Wake Structure Diagnostics of a Flapping Wing MAV 2005-01-3198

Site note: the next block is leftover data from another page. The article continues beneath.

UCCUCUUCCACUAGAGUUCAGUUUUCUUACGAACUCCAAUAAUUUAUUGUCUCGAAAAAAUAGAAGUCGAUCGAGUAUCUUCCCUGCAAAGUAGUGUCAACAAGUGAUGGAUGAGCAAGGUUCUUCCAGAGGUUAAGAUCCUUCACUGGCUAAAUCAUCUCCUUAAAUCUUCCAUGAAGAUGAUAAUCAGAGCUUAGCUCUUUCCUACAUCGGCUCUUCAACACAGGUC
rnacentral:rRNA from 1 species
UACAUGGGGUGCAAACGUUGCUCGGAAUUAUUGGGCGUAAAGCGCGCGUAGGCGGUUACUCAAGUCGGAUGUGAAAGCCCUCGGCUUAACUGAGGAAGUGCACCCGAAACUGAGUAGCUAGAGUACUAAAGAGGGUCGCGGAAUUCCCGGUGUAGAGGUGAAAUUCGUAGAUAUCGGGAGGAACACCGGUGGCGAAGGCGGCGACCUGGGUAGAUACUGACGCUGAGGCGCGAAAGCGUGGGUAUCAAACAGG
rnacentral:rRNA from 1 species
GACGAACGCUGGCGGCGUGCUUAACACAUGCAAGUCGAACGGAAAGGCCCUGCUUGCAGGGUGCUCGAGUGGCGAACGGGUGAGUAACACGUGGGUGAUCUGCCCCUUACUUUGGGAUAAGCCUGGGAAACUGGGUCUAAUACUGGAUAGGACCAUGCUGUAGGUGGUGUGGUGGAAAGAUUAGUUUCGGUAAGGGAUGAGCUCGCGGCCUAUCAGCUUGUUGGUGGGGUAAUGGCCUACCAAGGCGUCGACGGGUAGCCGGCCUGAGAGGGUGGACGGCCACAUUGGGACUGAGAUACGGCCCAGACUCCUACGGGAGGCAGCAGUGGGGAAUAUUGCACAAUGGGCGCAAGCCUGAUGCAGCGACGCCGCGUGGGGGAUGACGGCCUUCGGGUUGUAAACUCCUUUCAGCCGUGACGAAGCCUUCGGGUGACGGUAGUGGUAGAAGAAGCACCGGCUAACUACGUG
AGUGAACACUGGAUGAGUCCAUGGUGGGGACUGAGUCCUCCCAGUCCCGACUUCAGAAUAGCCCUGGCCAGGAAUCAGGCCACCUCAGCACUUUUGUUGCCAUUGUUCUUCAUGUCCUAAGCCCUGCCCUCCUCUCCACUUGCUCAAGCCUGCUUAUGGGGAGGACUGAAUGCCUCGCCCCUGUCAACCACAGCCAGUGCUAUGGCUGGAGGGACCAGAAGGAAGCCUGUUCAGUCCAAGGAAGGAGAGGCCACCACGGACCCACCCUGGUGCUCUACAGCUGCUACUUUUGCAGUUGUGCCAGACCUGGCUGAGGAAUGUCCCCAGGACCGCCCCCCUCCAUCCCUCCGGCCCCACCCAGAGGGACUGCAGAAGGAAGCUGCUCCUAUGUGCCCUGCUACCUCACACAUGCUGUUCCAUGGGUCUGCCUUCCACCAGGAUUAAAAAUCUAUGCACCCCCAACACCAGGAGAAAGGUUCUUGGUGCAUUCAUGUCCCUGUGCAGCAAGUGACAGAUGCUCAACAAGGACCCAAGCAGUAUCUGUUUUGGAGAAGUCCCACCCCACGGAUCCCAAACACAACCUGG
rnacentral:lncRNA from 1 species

Experiments were performed to better understand the aerodynamic flow field of a flapping-wing micro air vehicle. High-resolution laser sheet flow visualization and particle image velocimetry (PIV) analyses have shown the presence of folded vortex filaments that are trailed from the tip and root of the wing, which are combined with a shed dynamic stall vortex with a strong spanwise flow toward the wing tip. This leading-edge vortex gains strength as the translational motion of the wing accelerates through mid-stroke. There is a subsequent shedding of this vortex, but with the simultaneous formation of another leading-edge vortex. The generation of the second vortex occurs before the first vortex reaches mid-chord, enhancing overall lift. This second vortex moves along the chord during supination, before finally being shed from the trailing-edge of the wing. A starting vortex forms near the trailing-edge as the wing starts to accelerate during the downstroke/upstroke of the flapping cycle. This starting vortex grows larger in size, gaining energy from further shed vortices, until the wing reaches the mid-point of the cycle. The folded root and tip vortices that trail from the flapping wing have been found to be relatively strong, and move inward and axially downward as the wing moves through its flapping cycle. The close proximity of the starting vortex, as well as the trailed root and tip vortices, has a large influence on the downwash over the wing. This suggests that any modeling techniques used to predict the lift on flapping wings must fundamentally take into account the three-dimensional, unsteady effects associated with its complex vortex wake structure.